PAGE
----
Ross: [00:02:12] You want to give me an example of some of those.

Max: [00:02:15] Yeah. One of the, one of the biggest moral failures really, I think, is failing to learn from our past experiences. So in the paper we, actually, it’s a follow-up paper to a paper that Dr Upshur and I wrote in 2015, which identified that ever since SARS, so including H1N1, H5N1 influenza, MERS-coV, Ebola, and, all of these outbreaks that we’ve experienced in the past 20 years, we continually say that these should serve as a, wake up calls for outbreak preparedness and response in the world. And effectively, we never wake up whenever we received those calls. And so, really I think any additional outbreaks or experiences, if we don’t learn from those and we continue to call them, wake up calls and don’t do anything different, that just serves as another failure.

And so a really good example is a failure not to protect the most vulnerable people in our society. So we know that there are, are just not sufficient investments in things like primary care and public health infrastructure, and in long-term care homes, nursing homes to protect the elderly. And we’ve known this and we’ve known this for 20 years and we’ve seen what outbreaks can do to those populations time and time again. And, what a surprise, this happened again with the COVID-19 pandemic. And so that just represents another moral failing that we need to really appreciate and acknowledge if we’re ever going to learn from it.

Ross: [00:03:44] So why is that a specifically moral failure?

Max: [00:03:48] It’s a moral failure for a couple of reasons. First of all, I think if there are lessons that we have extensively seen in the past, then we have a moral obligation to learn those lessons. If we can avert morbidity and mortality based on our prior experience, then there’s a moral imperative to actually do something and cultivate those lessons and translate that into practice. So I’d say that’s one of the reasons why it’s a moral failure.

The second reason that it’s a moral failure is because it suggests that we haven’t been able to reorient our, our moral attitude and practice towards things like justice and solidarity. That there’s populations that are disproportionately burdened by infectious diseases, like homeless populations or institutionalized populations or refugee migrant populations, and failing to, seeing and knowing that these populations will be disproportionately burdened and not doing anything to stop that from happening reflects a failure of justice and it reflects a failure of solidarity, which we would argue are moral failures.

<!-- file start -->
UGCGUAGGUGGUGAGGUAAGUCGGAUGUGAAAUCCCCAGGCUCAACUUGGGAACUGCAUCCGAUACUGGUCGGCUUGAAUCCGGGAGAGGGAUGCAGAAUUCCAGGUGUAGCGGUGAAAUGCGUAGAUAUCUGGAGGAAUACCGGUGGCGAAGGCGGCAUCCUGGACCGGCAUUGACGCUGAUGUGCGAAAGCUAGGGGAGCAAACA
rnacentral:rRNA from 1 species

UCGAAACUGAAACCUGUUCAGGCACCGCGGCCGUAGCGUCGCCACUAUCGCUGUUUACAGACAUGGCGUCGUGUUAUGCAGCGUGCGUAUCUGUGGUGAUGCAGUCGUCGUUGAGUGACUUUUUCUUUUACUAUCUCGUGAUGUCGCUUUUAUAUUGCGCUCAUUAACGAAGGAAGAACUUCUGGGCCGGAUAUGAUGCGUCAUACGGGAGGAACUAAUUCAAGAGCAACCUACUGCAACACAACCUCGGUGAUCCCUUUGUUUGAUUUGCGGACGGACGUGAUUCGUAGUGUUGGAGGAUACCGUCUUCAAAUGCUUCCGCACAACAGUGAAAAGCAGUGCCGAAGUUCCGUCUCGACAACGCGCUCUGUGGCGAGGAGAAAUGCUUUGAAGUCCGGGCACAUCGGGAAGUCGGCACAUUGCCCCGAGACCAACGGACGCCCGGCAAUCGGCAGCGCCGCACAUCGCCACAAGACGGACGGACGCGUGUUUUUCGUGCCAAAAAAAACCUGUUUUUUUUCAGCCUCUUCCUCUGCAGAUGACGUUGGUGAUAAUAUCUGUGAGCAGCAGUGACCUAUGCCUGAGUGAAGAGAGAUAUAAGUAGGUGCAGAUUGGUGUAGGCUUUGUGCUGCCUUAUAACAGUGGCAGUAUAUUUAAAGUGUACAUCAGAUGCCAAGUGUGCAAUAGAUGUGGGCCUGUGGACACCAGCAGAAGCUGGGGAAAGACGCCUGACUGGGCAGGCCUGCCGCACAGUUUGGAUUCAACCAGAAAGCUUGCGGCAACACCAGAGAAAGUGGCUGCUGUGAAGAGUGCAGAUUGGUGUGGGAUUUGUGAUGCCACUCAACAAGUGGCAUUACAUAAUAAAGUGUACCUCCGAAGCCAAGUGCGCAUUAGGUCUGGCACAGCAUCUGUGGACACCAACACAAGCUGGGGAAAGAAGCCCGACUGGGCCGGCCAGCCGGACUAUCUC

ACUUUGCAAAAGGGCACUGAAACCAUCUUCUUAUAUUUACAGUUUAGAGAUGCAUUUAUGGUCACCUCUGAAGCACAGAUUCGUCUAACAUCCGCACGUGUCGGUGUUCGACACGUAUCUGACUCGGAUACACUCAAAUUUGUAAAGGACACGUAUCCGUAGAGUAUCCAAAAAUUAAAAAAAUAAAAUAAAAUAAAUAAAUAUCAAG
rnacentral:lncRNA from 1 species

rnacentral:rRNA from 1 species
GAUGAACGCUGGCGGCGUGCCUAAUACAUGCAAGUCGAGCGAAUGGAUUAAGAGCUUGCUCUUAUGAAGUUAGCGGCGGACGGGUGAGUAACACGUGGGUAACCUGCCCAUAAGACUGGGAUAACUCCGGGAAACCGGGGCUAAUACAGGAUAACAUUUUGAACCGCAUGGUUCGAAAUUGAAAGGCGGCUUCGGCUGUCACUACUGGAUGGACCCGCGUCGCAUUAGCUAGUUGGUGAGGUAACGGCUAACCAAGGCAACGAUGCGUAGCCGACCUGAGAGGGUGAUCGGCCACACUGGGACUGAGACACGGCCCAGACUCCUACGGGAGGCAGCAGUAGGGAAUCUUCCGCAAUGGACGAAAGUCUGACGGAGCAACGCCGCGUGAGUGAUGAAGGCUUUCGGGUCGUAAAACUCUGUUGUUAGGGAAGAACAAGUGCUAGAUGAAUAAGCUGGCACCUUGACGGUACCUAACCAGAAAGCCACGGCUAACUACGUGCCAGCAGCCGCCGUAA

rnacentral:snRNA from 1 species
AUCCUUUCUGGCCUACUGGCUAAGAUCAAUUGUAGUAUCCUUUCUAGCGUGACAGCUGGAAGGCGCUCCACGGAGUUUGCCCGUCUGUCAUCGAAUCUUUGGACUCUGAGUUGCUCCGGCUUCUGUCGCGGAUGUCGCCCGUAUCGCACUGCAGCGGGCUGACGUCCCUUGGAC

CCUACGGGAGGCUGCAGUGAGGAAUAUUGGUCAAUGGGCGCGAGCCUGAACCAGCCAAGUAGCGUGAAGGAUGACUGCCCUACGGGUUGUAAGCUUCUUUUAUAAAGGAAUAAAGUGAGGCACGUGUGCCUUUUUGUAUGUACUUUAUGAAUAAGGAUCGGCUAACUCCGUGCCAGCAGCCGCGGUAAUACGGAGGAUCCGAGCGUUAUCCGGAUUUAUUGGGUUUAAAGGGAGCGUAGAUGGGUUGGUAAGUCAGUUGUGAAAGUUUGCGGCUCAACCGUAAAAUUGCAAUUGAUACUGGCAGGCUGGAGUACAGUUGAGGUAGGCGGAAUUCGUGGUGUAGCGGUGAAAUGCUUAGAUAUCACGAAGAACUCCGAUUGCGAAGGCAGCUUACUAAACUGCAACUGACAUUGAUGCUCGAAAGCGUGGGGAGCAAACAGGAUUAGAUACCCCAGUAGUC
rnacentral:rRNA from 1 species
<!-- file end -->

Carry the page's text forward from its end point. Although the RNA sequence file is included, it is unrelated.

Ross: [00:04:50] I agree. So this notion that this was predictable, avertable, yet somehow seemed as a surprise and a need for a wake up call, what do you think that says about our collective consciousness when it comes to ethical issues and pandemics?

Max: [00:05:10] Yeah, I think it’s, I actually don’t think it’s a problem of learning. Right? I think that if we go all the way, all the way back to SARS and before, we know that these are important experiences, important lessons. So I don’t think it’s a matter of just learning this for the first time with the COVID-19 pandemic. I think it fundamentally reflects the failure of shifting our values and attitudes towards the protection of these populations and intervening to promote their interests and needs. So that’s why I think it’s fundamentally moral. These aren’t things that require technological innovations or, or experiences or lessons that we simply haven’t experienced yet. But the things that we know well and just simply have chosen not to. We don’t have the political will or even the public will to address those failures.

Ross: [00:05:56] So reflecting broadly on ethics and the current COVID-19 SARS-coV2 pandemic, what are the other sort of major ethical issues that you see require a concerted attention from the bioethics community?